Author: Jen Gambarini
No longer the overriding societal value it once was in the Victorian era, earnestness is making its comeback in the most unlikely of places: hedge funds.
While always fervent in their pursuit of alpha, hedge funds have finally realized the importance of being earnest when it comes to pursuing compliance. And yet just like Wilde’s trivial comedy for serious people, it’s complicated.
Funds must tackle many moving parts, those parts often move in silos and, as most hedge fund Chief Compliance Officers (CCOs) will attest, it’s hard to be certain everyone has the complete and accurate picture they need, when they need it. In fact, when it comes to developing a culture of compliance, no-one’s entirely sure what that picture should look like at all.
What is a Culture of Compliance Anyway?
The SEC, FINRA and the CFTC all continue to hammer home the importance for registrants to develop a culture of compliance, and yet there’s no checklist, no hard and fast rules, no blueprint. In FINRA’s targeted exam letter from February, ‘Establishing, Communicating and implementing Cultural Values,’ it states:
”One definition of ‘firm culture’ is the set of explicit and implicit norms, practices and expected behaviors that influence how employees make and carry out decisions in the course of conducting the firm’s business. Your firm may have its own definition of ‘firm culture’ that it can use…”
Case in point.
While you’re always serious in intention, when terminology like ‘culture’ is your leading beacon in practice, and success could be considered largely ‘subjective’, it can all feel a bit trivial at times.
The only place to start is to channel those earnest CCO qualities of depth and firmness and commit to full transparency, show intent and give it serious attention. But how to make that earnestness permeate across an entire firm, and develop into a culture?
You’ve done all the groundwork: you’ve got your code of ethics down, your reporting is on point, you’re in a constant state or examination preparedness and now you just need to create some culture. This is where CCOs and fund managers often go wrong.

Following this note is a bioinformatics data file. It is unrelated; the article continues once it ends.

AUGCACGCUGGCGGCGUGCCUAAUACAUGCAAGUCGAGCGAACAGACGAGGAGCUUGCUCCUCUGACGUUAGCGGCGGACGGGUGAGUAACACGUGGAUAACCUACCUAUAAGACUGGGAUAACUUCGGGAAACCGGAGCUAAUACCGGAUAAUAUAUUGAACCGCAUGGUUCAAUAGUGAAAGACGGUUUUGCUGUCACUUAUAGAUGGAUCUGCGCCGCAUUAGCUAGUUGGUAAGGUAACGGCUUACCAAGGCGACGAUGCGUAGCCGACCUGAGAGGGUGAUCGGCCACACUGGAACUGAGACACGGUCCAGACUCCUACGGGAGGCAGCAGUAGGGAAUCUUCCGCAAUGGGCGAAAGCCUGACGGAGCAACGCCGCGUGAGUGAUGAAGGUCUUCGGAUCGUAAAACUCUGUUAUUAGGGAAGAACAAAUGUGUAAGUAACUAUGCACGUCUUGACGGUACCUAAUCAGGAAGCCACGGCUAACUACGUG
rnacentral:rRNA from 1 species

Where Most Hedge Funds Go Wrong with Compliance
One of the biggest mistakes hedge funds make when it comes to compliance is how it’s enforced.
Forcing compliance as a cultural norm may keep the regulators at bay in the short term, but over time it’s not good for business. In order to make compliance a positive part of your corporate culture that will stick, you must make it something that employees don’t resent.
More than just making compliance happen, a successful fund will work to instill a positive attitude toward compliance. And to create a positive culture of compliance takes time, resource and education.
Funds must avoid the pitfalls of focusing too heavily on why non-compliance is disastrous for business, and an employee’s responsibility within that. Instead, it’s important to also communicate and demonstrate why compliance can be good for business and good for personal goals.
A positive culture of compliance can be profitable. After all, investors now seek out funds with a demonstrably strong culture of compliance and will proactively avoid those without.
The funds that win out are those that make compliance understood and make it as frictionless as possible to achieve; remove barriers to compliant user activity, create incentive programmes for employees, proactively look to replace bad habits with genuinely beneficial alternatives that work for people as well as regulators.
Five steps for building a positive culture of compliance
Building a culture of compliance is not a new concept. But with the SEC’s broken windows policy and increased levels of enforcement it’s now more important than ever. It comes down to creating a strong and positive foundation for compliance right across the firm. To do so, funds should always be looking to these five practices: